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Nicholas Gilson, Wendy J. Brown, Guy Faulkner, Jim McKenna, Marie Murphy, Andy Pringle, Karin Proper, Anna Puig-Ribera and Aphroditi Stathi


This paper aimed to use the Delphi technique to develop a consensus framework for a multinational, workplace walking intervention.


Ideas were gathered and ranked from eight recognized and emerging experts in the fields of physical activity and health, from universities in Australia, Canada, England, the Netherlands, Northern Ireland, and Spain. Members of the panel were asked to consider the key characteristics of a successful campus walking intervention. Consensus was reached by an inductive, content analytic approach, conducted through an anonymous, three-round, e-mail process.


The resulting framework consisted of three interlinking themes defined as “design, implementation, and evaluation.” Top-ranked subitems in these themes included the need to generate research capacity (design), to respond to group needs through different walking approaches (implementation), and to undertake physical activity assessment (evaluation). Themes were set within an underpinning domain, referred to as the “institution” and sites are currently engaging with subitems in this domain, to provide sustainable interventions that refect the practicalities of local contexts and needs.


Findings provide a unique framework for designing, implementing, and evaluating walking projects in universities and highlight the value of adopting the Delphi technique for planning international, multisite health initiatives.

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Jill R. Reed, Paul Estabrooks, Bunny Pozehl, Kate Heelan and Christopher Wichman

Background: Most rural adults do not meet current guidelines for physical activity (PA). A 12-week feasibility study tested the effectiveness of using the 5A’s model for PA counseling on rural adults’ PA behaviors. Methods: Inactive rural adults recruited from a primary care clinic were randomized to an intervention (n = 30) or control (n = 29) group. All subjects wore a Fitbit to track steps and active minutes. The intervention group completed action plans to improve self-regulatory PA strategies and received weekly motivational text messages to improve PA behaviors. Theory of planned behavior constructs and self-regulatory strategies of planning, goal setting, and tracking (steps and active minutes) were measured with both groups. The control group received the Fitbit only. Results: All individuals became more physically active; however, no significant differences between groups in active minutes or steps were found. All subjects, regardless of group, increased steps (P > .05). There were no statistically significant differences between groups on any of the theoretical variables. Conclusions: It is vitally important to continue to find ways to make PA a priority to improve the overall health and well-being of rural adults. Future research warrants adjusting the intervention dose and strategies to increase PA that can be maintained long term.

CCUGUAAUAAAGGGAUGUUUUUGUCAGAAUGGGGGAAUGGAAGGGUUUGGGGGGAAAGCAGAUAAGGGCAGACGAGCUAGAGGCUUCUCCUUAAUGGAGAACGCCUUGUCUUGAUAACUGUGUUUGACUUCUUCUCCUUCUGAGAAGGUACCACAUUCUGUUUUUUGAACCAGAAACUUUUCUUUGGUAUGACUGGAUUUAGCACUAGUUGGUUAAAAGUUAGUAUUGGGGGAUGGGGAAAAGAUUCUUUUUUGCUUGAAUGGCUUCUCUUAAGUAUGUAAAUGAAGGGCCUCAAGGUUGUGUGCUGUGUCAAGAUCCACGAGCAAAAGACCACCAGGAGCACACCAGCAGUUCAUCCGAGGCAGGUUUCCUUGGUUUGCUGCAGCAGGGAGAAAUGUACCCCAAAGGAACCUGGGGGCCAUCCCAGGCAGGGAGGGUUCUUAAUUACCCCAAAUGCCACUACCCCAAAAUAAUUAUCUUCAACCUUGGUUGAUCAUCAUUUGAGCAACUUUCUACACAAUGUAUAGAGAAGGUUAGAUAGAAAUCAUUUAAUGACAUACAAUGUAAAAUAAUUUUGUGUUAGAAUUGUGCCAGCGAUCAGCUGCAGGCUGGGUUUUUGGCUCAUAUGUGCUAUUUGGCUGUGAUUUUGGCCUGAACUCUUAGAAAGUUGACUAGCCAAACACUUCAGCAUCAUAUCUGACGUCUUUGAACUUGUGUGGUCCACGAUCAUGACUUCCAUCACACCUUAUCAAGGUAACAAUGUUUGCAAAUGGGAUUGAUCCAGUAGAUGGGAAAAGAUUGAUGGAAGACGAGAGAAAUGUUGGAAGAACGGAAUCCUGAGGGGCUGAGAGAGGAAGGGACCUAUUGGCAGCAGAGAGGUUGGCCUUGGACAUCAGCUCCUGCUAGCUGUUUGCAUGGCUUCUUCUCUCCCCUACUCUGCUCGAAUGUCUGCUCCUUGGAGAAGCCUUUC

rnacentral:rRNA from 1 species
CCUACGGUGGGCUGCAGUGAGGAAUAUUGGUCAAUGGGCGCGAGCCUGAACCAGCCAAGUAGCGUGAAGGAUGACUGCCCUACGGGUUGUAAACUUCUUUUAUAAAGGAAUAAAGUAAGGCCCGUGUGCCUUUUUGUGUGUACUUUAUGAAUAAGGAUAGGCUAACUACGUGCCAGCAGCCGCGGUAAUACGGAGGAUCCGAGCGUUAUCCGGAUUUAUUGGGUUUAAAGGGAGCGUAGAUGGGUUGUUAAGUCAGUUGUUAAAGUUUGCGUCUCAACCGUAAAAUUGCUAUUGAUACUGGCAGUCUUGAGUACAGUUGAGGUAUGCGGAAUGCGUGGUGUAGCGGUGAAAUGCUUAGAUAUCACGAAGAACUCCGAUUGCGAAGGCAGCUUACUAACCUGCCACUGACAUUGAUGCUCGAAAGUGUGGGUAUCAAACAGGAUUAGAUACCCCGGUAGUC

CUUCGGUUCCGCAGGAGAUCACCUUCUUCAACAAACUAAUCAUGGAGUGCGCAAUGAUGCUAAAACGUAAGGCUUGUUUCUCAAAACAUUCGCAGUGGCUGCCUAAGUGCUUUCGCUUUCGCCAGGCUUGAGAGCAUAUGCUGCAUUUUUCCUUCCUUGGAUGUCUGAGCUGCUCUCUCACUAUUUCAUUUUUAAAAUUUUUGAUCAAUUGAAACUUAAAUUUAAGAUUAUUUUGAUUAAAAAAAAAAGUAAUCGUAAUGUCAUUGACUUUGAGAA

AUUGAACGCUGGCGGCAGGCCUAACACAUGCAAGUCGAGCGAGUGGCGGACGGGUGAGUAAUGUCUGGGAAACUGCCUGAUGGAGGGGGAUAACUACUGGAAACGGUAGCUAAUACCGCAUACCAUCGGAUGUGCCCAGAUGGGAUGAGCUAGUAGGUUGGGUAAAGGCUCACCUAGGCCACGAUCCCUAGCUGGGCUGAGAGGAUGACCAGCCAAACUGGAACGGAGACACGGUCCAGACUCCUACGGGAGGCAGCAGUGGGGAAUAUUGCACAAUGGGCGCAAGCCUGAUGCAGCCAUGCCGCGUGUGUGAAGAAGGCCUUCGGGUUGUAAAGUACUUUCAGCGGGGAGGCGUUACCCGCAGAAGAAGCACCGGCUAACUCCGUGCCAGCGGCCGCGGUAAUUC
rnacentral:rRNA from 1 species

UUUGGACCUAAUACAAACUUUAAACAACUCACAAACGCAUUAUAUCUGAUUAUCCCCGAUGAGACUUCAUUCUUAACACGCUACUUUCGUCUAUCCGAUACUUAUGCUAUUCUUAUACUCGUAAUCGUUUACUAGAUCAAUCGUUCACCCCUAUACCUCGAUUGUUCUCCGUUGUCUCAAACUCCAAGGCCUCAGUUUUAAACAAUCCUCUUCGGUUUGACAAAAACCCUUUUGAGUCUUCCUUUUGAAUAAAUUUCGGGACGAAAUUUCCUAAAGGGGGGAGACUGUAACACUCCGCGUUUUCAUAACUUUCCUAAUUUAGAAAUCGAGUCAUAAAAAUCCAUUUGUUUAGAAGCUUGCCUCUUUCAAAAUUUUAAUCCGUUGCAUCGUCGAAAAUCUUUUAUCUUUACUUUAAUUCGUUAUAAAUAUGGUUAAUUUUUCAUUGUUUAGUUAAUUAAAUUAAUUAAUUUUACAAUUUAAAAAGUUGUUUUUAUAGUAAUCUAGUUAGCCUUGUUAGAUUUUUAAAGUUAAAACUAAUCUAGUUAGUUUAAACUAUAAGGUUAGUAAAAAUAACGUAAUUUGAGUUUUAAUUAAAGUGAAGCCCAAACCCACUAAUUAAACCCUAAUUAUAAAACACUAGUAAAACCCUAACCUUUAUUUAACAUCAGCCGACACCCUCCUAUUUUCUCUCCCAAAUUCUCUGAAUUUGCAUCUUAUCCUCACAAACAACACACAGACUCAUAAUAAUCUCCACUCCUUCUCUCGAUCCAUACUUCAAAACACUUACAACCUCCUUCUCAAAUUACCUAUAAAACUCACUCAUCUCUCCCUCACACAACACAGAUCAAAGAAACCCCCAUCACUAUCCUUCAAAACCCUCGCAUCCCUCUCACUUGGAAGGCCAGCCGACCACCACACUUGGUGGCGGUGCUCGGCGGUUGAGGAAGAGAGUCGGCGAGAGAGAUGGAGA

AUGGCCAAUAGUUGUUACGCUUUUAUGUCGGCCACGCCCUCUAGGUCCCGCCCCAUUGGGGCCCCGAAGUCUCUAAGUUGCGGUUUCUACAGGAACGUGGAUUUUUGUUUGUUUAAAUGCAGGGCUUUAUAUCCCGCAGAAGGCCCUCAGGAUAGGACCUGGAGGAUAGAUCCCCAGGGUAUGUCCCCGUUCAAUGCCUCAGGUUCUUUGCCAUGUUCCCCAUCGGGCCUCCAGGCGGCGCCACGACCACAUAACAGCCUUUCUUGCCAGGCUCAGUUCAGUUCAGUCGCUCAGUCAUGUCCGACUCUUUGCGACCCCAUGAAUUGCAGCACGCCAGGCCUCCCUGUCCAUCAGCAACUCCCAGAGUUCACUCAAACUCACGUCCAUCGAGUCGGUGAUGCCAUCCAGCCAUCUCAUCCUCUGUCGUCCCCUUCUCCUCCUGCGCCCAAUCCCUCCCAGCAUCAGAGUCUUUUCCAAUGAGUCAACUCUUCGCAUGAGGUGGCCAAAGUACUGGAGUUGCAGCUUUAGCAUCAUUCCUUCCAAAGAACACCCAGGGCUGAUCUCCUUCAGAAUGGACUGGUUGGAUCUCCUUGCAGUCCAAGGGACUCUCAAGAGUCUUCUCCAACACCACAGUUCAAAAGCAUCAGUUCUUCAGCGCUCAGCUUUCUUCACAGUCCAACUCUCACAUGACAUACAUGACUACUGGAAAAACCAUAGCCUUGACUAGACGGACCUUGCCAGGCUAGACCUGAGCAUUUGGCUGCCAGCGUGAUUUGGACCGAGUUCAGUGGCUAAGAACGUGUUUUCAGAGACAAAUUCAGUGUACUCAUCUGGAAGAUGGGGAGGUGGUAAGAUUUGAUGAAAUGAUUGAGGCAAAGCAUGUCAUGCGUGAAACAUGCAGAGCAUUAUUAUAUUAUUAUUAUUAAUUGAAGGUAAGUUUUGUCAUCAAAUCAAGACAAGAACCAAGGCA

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Phillip Ward

program planning (e.g.,  Hung et al., 2008 ; Ponce et al., 2017 ) and medicine, nursing, and health education (e.g.,  Grigore et al., 2016 ). In this study, it was critical to allow the core practice statements to be shaped by both editing and also by the rationales for the edits, something not possible

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R. Todd Bartee, Burke Grandjean, Michael S. Dunn, James M. Eddy and Min Qi Wang